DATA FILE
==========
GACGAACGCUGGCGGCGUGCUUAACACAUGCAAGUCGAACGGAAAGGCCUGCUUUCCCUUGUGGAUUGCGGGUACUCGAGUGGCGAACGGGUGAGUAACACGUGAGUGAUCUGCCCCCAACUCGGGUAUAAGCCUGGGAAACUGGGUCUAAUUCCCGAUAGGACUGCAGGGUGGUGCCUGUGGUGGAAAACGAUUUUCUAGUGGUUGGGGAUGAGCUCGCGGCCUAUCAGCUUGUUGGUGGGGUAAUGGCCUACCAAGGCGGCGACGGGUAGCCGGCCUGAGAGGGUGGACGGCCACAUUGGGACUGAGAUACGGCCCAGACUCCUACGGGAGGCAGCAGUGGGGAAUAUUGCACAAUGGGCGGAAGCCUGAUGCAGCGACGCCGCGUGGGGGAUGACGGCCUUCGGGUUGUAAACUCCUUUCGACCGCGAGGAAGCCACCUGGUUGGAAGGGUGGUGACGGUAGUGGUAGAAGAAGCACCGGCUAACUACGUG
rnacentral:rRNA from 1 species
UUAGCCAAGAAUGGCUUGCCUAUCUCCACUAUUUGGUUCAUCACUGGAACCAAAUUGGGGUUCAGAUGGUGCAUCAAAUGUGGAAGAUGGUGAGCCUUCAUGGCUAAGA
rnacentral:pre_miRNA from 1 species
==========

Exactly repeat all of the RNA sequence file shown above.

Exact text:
GACGAACGCUGGCGGCGUGCUUAACACAUGCAAGUCGAACGGAAAGGCCUGCUUUCCCUUGUGGAUUGCGGGUACUCGAGUGGCGAACGGGUGAGUAACACGUGAGUGAUCUGCCCCCAACUCGGGUAUAAGCCUGGGAAACUGGGUCUAAUUCCCGAUAGGACUGCAGGGUGGUGCCUGUGGUGGAAAACGAUUUUCUAGUGGUUGGGGAUGAGCUCGCGGCCUAUCAGCUUGUUGGUGGGGUAAUGGCCUACCAAGGCGGCGACGGGUAGCCGGCCUGAGAGGGUGGACGGCCACAUUGGGACUGAGAUACGGCCCAGACUCCUACGGGAGGCAGCAGUGGGGAAUAUUGCACAAUGGGCGGAAGCCUGAUGCAGCGACGCCGCGUGGGGGAUGACGGCCUUCGGGUUGUAAACUCCUUUCGACCGCGAGGAAGCCACCUGGUUGGAAGGGUGGUGACGGUAGUGGUAGAAGAAGCACCGGCUAACUACGUG
rnacentral:rRNA from 1 species
UUAGCCAAGAAUGGCUUGCCUAUCUCCACUAUUUGGUUCAUCACUGGAACCAAAUUGGGGUUCAGAUGGUGCAUCAAAUGUGGAAGAUGGUGAGCCUUCAUGGCUAAGA
rnacentral:pre_miRNA from 1 species